|BATMAN: BATTLE FOR THE COWL No. 2, June 2009|
Anyone familiar with the major 1993 Batman story arc “Knightfall” or ‘Knightsaga’ will appreciate just how terrifying a psychotic Dark Knight can actually be. For Jean-Paul Valley’s murderously unstable caped crusader is a genuinely scary prospect for not only Gotham City’s criminal Underworld and general public but for the title’s readership as well.
With “Army Of One” writer Tony S. Daniel conjures up an equally dangerous and unbalanced incarnation of Batman, this time sporting a metallic medieval-looking face-guard, hand-grenade belt and an ammunition ribbon the Punisher would be proud of. None of this bodes well for all the ‘bat-allies’ of The Network as the momentarily mysterious vigilante, swiftly revealed to be the former Robin, Jason Todd, dispatches first Damian Wayne, his mentor’s son, and then later Tim Drake; cold-blooded killer indeed.
However any reader thinking that it was just going to be the once dead now resurrected protegy of Bruce Wayne who was going to use lethal force without a moment’s thought would be badly mistaken. This is a violent comic book with the likes of Two-Face, Jane Doe, Firefly, Adam Bomb, the Black Mask and Victor Zsasz all ending someone’s life in some gruesome manner, whether it be a simply shooting or explosion, or cutting off some hapless police officer’s face. Even the Penguin is depicted by Daniel at his homicidal best, crushing the life out of tiny bird with his gloved hands.
Fortunately not every character is portrayed as some sort of lunatic, as the American writer provides both a quick glimpse of the ‘nicer side’ to the anti-heroine Catwoman, and shows just what Batman may have become if Tim Drake permanently donned the cape and cowl; albeit this is a fleeting look as the issue ends with a laughing Todd sticking a cruel-looking bat-blade deep in his rival’s chest.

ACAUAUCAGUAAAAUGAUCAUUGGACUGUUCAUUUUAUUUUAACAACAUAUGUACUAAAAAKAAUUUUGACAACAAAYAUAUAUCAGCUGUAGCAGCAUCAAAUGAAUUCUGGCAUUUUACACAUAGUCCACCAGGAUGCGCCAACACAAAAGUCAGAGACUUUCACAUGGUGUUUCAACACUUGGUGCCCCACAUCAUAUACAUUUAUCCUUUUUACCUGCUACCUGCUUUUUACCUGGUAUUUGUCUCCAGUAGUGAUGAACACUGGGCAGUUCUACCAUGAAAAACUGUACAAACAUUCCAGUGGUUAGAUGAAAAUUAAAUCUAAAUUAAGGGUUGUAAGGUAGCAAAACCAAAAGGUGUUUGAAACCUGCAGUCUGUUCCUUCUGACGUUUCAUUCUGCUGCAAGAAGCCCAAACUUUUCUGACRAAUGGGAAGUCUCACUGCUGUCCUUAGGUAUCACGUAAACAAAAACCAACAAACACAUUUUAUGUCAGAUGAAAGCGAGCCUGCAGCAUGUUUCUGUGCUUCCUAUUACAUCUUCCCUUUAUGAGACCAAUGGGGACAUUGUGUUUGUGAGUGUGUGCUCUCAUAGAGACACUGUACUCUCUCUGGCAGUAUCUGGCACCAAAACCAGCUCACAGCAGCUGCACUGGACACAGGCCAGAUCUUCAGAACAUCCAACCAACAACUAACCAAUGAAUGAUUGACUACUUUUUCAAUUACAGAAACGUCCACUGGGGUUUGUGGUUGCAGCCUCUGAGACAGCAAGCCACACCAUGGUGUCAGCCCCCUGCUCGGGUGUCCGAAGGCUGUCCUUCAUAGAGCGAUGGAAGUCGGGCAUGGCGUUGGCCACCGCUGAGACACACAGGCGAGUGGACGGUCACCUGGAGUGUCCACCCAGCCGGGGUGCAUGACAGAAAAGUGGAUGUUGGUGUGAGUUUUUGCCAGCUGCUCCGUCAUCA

Having penned this enjoyable gore-fest Tony Daniel is also responsible for the book’s artwork and for most of the issue this is equally as well done as the writing. As an artist he does seemingly struggle to draw consistently as his pencilling of an early confrontation between Nightwing, Robin and the deranged Batman is quite appalling in parts. Yet by the edition’s conclusion Daniel sketches six successive pages of fantastic fisticuffs between Todd and Drake, which are wonderfully animated with swirling capes, hefty punches and spilt blood.
|The regular cover art of "BATMAN: BATTLE FOR THE COWL" No. 2 by Tony S. Daniel|